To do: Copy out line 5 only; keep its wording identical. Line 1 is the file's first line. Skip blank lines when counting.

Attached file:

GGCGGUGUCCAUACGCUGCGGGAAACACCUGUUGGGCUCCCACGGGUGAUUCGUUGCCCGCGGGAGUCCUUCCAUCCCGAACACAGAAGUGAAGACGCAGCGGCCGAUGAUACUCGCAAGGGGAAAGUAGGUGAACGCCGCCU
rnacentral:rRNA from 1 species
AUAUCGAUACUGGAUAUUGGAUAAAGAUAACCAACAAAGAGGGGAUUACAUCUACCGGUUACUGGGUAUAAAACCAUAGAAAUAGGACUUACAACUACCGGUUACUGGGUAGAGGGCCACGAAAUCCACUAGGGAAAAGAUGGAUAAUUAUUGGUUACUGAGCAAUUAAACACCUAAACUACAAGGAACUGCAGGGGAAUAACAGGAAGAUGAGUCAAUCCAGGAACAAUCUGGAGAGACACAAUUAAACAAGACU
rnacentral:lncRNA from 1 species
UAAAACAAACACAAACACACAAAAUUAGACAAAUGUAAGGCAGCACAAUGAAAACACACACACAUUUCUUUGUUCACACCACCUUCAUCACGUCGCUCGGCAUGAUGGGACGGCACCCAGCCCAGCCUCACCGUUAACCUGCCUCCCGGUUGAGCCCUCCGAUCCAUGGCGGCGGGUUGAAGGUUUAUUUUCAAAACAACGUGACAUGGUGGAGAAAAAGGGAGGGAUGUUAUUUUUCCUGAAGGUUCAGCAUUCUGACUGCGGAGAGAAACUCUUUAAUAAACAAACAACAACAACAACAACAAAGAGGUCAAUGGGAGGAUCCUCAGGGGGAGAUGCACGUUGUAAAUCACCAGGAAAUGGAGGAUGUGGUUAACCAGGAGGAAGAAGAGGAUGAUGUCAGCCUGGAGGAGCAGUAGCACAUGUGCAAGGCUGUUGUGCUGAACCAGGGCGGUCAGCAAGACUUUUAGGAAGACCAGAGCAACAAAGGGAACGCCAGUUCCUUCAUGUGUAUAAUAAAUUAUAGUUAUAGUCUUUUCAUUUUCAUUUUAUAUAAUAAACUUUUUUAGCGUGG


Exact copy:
UAAAACAAACACAAACACACAAAAUUAGACAAAUGUAAGGCAGCACAAUGAAAACACACACACAUUUCUUUGUUCACACCACCUUCAUCACGUCGCUCGGCAUGAUGGGACGGCACCCAGCCCAGCCUCACCGUUAACCUGCCUCCCGGUUGAGCCCUCCGAUCCAUGGCGGCGGGUUGAAGGUUUAUUUUCAAAACAACGUGACAUGGUGGAGAAAAAGGGAGGGAUGUUAUUUUUCCUGAAGGUUCAGCAUUCUGACUGCGGAGAGAAACUCUUUAAUAAACAAACAACAACAACAACAACAAAGAGGUCAAUGGGAGGAUCCUCAGGGGGAGAUGCACGUUGUAAAUCACCAGGAAAUGGAGGAUGUGGUUAACCAGGAGGAAGAAGAGGAUGAUGUCAGCCUGGAGGAGCAGUAGCACAUGUGCAAGGCUGUUGUGCUGAACCAGGGCGGUCAGCAAGACUUUUAGGAAGACCAGAGCAACAAAGGGAACGCCAGUUCCUUCAUGUGUAUAAUAAAUUAUAGUUAUAGUCUUUUCAUUUUCAUUUUAUAUAAUAAACUUUUUUAGCGUGG